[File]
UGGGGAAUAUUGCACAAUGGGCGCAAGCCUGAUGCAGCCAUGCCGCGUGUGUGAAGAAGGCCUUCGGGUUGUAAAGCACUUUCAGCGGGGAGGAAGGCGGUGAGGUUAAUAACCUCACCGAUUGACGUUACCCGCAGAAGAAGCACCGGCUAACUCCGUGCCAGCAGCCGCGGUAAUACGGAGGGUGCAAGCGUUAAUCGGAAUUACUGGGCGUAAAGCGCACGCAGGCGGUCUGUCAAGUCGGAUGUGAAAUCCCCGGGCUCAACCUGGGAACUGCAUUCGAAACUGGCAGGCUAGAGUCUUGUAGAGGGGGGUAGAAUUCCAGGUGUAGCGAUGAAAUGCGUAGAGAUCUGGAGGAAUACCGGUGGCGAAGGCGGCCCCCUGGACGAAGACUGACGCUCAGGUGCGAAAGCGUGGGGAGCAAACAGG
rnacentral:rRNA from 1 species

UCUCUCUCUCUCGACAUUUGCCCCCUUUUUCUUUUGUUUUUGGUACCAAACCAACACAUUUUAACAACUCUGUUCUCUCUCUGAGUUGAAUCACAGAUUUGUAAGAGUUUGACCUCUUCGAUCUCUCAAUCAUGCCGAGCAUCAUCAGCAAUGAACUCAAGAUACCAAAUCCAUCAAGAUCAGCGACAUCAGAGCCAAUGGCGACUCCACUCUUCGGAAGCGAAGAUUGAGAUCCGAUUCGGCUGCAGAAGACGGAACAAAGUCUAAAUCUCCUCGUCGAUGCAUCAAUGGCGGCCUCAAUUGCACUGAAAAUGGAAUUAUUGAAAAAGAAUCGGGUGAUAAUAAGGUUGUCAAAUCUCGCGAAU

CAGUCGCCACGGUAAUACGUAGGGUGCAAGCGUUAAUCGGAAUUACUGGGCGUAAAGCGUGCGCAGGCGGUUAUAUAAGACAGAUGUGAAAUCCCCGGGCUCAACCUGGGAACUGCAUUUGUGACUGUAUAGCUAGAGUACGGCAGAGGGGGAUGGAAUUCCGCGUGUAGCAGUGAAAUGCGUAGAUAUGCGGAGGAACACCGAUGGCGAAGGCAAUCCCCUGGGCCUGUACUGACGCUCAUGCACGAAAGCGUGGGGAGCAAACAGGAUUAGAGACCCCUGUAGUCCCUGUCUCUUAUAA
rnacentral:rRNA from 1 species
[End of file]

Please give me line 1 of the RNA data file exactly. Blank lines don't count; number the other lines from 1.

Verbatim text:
UGGGGAAUAUUGCACAAUGGGCGCAAGCCUGAUGCAGCCAUGCCGCGUGUGUGAAGAAGGCCUUCGGGUUGUAAAGCACUUUCAGCGGGGAGGAAGGCGGUGAGGUUAAUAACCUCACCGAUUGACGUUACCCGCAGAAGAAGCACCGGCUAACUCCGUGCCAGCAGCCGCGGUAAUACGGAGGGUGCAAGCGUUAAUCGGAAUUACUGGGCGUAAAGCGCACGCAGGCGGUCUGUCAAGUCGGAUGUGAAAUCCCCGGGCUCAACCUGGGAACUGCAUUCGAAACUGGCAGGCUAGAGUCUUGUAGAGGGGGGUAGAAUUCCAGGUGUAGCGAUGAAAUGCGUAGAGAUCUGGAGGAAUACCGGUGGCGAAGGCGGCCCCCUGGACGAAGACUGACGCUCAGGUGCGAAAGCGUGGGGAGCAAACAGG